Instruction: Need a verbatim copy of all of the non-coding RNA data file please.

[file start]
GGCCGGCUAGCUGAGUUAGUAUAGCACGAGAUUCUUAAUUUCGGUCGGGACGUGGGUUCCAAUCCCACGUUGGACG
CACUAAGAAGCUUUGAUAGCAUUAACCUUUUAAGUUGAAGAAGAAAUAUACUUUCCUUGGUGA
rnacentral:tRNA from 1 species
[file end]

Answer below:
GGCCGGCUAGCUGAGUUAGUAUAGCACGAGAUUCUUAAUUUCGGUCGGGACGUGGGUUCCAAUCCCACGUUGGACG
CACUAAGAAGCUUUGAUAGCAUUAACCUUUUAAGUUGAAGAAGAAAUAUACUUUCCUUGGUGA
rnacentral:tRNA from 1 species